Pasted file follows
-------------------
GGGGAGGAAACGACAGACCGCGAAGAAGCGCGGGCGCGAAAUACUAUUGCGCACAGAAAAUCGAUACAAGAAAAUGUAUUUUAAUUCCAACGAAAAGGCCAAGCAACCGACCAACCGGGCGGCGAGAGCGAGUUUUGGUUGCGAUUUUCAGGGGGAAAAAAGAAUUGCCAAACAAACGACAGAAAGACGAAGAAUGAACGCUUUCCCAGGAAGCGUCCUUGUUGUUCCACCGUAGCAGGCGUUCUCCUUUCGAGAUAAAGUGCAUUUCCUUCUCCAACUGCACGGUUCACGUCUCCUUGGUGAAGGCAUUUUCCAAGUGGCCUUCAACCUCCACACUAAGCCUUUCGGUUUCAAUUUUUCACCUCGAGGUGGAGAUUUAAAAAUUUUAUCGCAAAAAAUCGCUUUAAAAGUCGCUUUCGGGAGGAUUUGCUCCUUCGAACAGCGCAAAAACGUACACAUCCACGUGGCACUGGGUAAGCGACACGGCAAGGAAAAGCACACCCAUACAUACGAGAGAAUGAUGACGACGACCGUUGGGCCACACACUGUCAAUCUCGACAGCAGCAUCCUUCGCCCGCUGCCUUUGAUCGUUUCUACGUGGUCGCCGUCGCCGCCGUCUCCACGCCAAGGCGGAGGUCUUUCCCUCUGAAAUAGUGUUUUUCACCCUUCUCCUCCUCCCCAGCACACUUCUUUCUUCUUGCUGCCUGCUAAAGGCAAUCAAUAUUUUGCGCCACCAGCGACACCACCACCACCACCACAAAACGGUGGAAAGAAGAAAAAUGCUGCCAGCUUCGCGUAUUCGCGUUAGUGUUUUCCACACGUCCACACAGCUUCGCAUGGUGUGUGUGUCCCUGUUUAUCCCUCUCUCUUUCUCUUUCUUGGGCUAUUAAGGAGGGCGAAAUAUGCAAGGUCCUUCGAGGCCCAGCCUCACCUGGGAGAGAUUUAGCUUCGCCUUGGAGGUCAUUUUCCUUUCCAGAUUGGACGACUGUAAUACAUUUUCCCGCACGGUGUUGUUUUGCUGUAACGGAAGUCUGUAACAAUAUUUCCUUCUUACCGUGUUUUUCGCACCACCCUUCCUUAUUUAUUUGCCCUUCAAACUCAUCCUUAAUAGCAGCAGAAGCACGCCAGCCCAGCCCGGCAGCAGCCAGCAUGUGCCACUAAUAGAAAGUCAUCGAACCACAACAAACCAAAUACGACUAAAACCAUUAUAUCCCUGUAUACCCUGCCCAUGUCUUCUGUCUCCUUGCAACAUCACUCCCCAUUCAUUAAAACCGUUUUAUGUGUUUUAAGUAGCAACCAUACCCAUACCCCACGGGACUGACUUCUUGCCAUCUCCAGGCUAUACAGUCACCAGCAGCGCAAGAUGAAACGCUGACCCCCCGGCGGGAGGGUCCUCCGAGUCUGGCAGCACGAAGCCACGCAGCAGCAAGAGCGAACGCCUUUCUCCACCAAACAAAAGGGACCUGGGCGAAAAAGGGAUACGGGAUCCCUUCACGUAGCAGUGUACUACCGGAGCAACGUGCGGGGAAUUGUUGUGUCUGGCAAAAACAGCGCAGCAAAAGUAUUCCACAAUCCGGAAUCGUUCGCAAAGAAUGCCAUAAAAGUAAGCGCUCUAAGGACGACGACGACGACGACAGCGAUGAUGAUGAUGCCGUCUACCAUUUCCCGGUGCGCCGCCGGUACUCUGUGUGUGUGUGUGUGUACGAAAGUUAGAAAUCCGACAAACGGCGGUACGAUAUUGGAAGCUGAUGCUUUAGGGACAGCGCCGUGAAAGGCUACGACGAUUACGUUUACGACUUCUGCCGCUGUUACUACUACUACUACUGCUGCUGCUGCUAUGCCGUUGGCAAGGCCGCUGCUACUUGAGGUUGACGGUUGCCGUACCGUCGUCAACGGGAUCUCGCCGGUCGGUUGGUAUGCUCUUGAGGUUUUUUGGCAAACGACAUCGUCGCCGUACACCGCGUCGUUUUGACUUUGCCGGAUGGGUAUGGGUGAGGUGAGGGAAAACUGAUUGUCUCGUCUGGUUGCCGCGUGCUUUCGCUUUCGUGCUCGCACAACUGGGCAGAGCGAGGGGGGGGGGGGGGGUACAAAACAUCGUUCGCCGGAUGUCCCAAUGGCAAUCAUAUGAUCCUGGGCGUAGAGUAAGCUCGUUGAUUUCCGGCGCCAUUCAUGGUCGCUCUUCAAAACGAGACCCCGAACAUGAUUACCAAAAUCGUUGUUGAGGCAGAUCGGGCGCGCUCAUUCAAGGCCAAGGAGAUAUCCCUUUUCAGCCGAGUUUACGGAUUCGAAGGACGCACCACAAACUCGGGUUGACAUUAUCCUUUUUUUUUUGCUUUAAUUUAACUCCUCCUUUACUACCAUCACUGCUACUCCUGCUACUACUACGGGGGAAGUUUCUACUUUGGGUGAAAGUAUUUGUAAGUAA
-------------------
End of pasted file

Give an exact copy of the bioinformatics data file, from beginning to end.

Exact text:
GGGGAGGAAACGACAGACCGCGAAGAAGCGCGGGCGCGAAAUACUAUUGCGCACAGAAAAUCGAUACAAGAAAAUGUAUUUUAAUUCCAACGAAAAGGCCAAGCAACCGACCAACCGGGCGGCGAGAGCGAGUUUUGGUUGCGAUUUUCAGGGGGAAAAAAGAAUUGCCAAACAAACGACAGAAAGACGAAGAAUGAACGCUUUCCCAGGAAGCGUCCUUGUUGUUCCACCGUAGCAGGCGUUCUCCUUUCGAGAUAAAGUGCAUUUCCUUCUCCAACUGCACGGUUCACGUCUCCUUGGUGAAGGCAUUUUCCAAGUGGCCUUCAACCUCCACACUAAGCCUUUCGGUUUCAAUUUUUCACCUCGAGGUGGAGAUUUAAAAAUUUUAUCGCAAAAAAUCGCUUUAAAAGUCGCUUUCGGGAGGAUUUGCUCCUUCGAACAGCGCAAAAACGUACACAUCCACGUGGCACUGGGUAAGCGACACGGCAAGGAAAAGCACACCCAUACAUACGAGAGAAUGAUGACGACGACCGUUGGGCCACACACUGUCAAUCUCGACAGCAGCAUCCUUCGCCCGCUGCCUUUGAUCGUUUCUACGUGGUCGCCGUCGCCGCCGUCUCCACGCCAAGGCGGAGGUCUUUCCCUCUGAAAUAGUGUUUUUCACCCUUCUCCUCCUCCCCAGCACACUUCUUUCUUCUUGCUGCCUGCUAAAGGCAAUCAAUAUUUUGCGCCACCAGCGACACCACCACCACCACCACAAAACGGUGGAAAGAAGAAAAAUGCUGCCAGCUUCGCGUAUUCGCGUUAGUGUUUUCCACACGUCCACACAGCUUCGCAUGGUGUGUGUGUCCCUGUUUAUCCCUCUCUCUUUCUCUUUCUUGGGCUAUUAAGGAGGGCGAAAUAUGCAAGGUCCUUCGAGGCCCAGCCUCACCUGGGAGAGAUUUAGCUUCGCCUUGGAGGUCAUUUUCCUUUCCAGAUUGGACGACUGUAAUACAUUUUCCCGCACGGUGUUGUUUUGCUGUAACGGAAGUCUGUAACAAUAUUUCCUUCUUACCGUGUUUUUCGCACCACCCUUCCUUAUUUAUUUGCCCUUCAAACUCAUCCUUAAUAGCAGCAGAAGCACGCCAGCCCAGCCCGGCAGCAGCCAGCAUGUGCCACUAAUAGAAAGUCAUCGAACCACAACAAACCAAAUACGACUAAAACCAUUAUAUCCCUGUAUACCCUGCCCAUGUCUUCUGUCUCCUUGCAACAUCACUCCCCAUUCAUUAAAACCGUUUUAUGUGUUUUAAGUAGCAACCAUACCCAUACCCCACGGGACUGACUUCUUGCCAUCUCCAGGCUAUACAGUCACCAGCAGCGCAAGAUGAAACGCUGACCCCCCGGCGGGAGGGUCCUCCGAGUCUGGCAGCACGAAGCCACGCAGCAGCAAGAGCGAACGCCUUUCUCCACCAAACAAAAGGGACCUGGGCGAAAAAGGGAUACGGGAUCCCUUCACGUAGCAGUGUACUACCGGAGCAACGUGCGGGGAAUUGUUGUGUCUGGCAAAAACAGCGCAGCAAAAGUAUUCCACAAUCCGGAAUCGUUCGCAAAGAAUGCCAUAAAAGUAAGCGCUCUAAGGACGACGACGACGACGACAGCGAUGAUGAUGAUGCCGUCUACCAUUUCCCGGUGCGCCGCCGGUACUCUGUGUGUGUGUGUGUGUACGAAAGUUAGAAAUCCGACAAACGGCGGUACGAUAUUGGAAGCUGAUGCUUUAGGGACAGCGCCGUGAAAGGCUACGACGAUUACGUUUACGACUUCUGCCGCUGUUACUACUACUACUACUGCUGCUGCUGCUAUGCCGUUGGCAAGGCCGCUGCUACUUGAGGUUGACGGUUGCCGUACCGUCGUCAACGGGAUCUCGCCGGUCGGUUGGUAUGCUCUUGAGGUUUUUUGGCAAACGACAUCGUCGCCGUACACCGCGUCGUUUUGACUUUGCCGGAUGGGUAUGGGUGAGGUGAGGGAAAACUGAUUGUCUCGUCUGGUUGCCGCGUGCUUUCGCUUUCGUGCUCGCACAACUGGGCAGAGCGAGGGGGGGGGGGGGGGUACAAAACAUCGUUCGCCGGAUGUCCCAAUGGCAAUCAUAUGAUCCUGGGCGUAGAGUAAGCUCGUUGAUUUCCGGCGCCAUUCAUGGUCGCUCUUCAAAACGAGACCCCGAACAUGAUUACCAAAAUCGUUGUUGAGGCAGAUCGGGCGCGCUCAUUCAAGGCCAAGGAGAUAUCCCUUUUCAGCCGAGUUUACGGAUUCGAAGGACGCACCACAAACUCGGGUUGACAUUAUCCUUUUUUUUUUGCUUUAAUUUAACUCCUCCUUUACUACCAUCACUGCUACUCCUGCUACUACUACGGGGGAAGUUUCUACUUUGGGUGAAAGUAUUUGUAAGUAA